Many of the conferees were members or presidents of their national academies of science and/or their national chemical societies. In many cases, participants were encouraged to attend by the ministers of science of their respective countries. One, Dr. Venice Gouda, is the former science minister of Egypt.
Conferees presented some 30 papers in a well-attended and stimulating poster session. Topics included “Photooxidation Process Using Sunlight and Environmentally Friendly Sensitizers to Control Egyptian Schistosomes” (M. H. Abdel Kader, Egypt); “Chemometrics and Environmental Pollutants” (Mehdi Jalali-Heravi, Iran); “The Environmental Protection of Water Resources Shared by Israeli and Palestinians” (K. H. Mancy, U.S.A.); “Chemistry Department Localities and Their Intake Capacities in Iranian State Universities” (H. Zohoor, Iran); and “Contacts to Molecule-Based Devices” (D. Cahen, Israel).

In addition, invited scientists gave special lectures. Dr. Herman Winick of Stanford University spoke on “The Impact of the SESAME Project on Science, Technology, and Society in the Middle East.” Prof. Peter Atkins, of Oxford University and chair of the IUPAC Committee on Chemistry Education, discussed “Modern Trends in Chemical Education.” Dr. Charles Kolb, president of Aerodyne Research, Inc., spoke on “Regional Air Quality and Climate Change: New Insights and Research Tools.”

Recommendations and Outcomes
Although the conference was not a CHEMRAWN meeting, the CHEMical Research Applied to World Needs committee of IUPAC helped by obtaining a contribution from UNESCO on behalf of the project. As in CHEMRAWN conferences, the conference working groups served as Future Actions Committees by meeting to discuss recommendations in the following areas:

  • Materials and Polymer Science (group leaders: Roald Hoffmann and Helmut Ringsdorf)
  • Cultural Heritage and Preservation of Antiquities (Roald Hoffmann and Venice Gouda)
  • Environment, Water, and Renewable Energy (Yuan T. Lee and Charles Kolb)
  • Research and New Methodologies in Science Education (Dudley Herschbach and Peter Atkins)
  • Medicinal and Natural Products (Jean-Marie Lehn and Ernest Eliel)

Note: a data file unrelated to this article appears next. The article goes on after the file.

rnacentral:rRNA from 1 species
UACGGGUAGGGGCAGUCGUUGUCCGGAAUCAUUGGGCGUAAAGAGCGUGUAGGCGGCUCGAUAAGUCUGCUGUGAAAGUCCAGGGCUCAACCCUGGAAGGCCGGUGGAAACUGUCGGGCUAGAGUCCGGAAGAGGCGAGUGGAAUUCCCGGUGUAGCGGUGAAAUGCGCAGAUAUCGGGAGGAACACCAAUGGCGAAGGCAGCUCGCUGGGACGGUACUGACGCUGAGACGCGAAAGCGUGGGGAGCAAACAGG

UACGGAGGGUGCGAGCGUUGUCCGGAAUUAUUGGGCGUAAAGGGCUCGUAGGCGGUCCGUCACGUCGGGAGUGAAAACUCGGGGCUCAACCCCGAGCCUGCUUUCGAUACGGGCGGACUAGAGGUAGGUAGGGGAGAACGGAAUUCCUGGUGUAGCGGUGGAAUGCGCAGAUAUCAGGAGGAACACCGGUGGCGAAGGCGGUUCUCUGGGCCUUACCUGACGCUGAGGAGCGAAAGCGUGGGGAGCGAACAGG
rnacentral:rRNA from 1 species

• Research and Technology Transfer for Economies in Transition (Rudolph Marcus and Roald Hoffmann)
  • Use of the International Centre for Synchroton-light for Experimental Science and Applications in the Middle East (SESAME project, Herman Winick and Dincer Ulku)

Those committees produced a set of recommendations, which are slated for follow-up:

a. Establish a Web site for communication among conference participants, which will eventually include a database on instrumentation available in the Middle East and opportunities for training in the use of that instrumentation.

b. Future Actions groups will work together to encourage governments in the Middle East to develop collaborative research agreements among countries in the region.

c. Participants will engage private companies in becoming involved in scientific collaborations in the Middle East.
d. Funding agencies, governments and providers of journals should work together to make online publications available to scientists in the region.

e. Materials chemists are reminded that (1) solar cells, (2) catalysts and (3) membrane technologies are particularly relevant in the Middle East and should receive special attention.

f. Natural products chemists are encouraged to find useful opportunities in (1) screening of local natural products for bio-activity; (2) studies of tropical diseases; (3) combining natural products with polymers; (4) cosmetics; nutrition and (5) pesticides.

g. Chemists concerned with cultural heritage are urged to help with preservation of precious Middle Eastern artifacts by (1) encouraging the training of conservers; (2) linking preservation with economic benefits; (3) involving the European countries more; (4) fostering future events, such as an upcoming workshop in Jordan on this topic.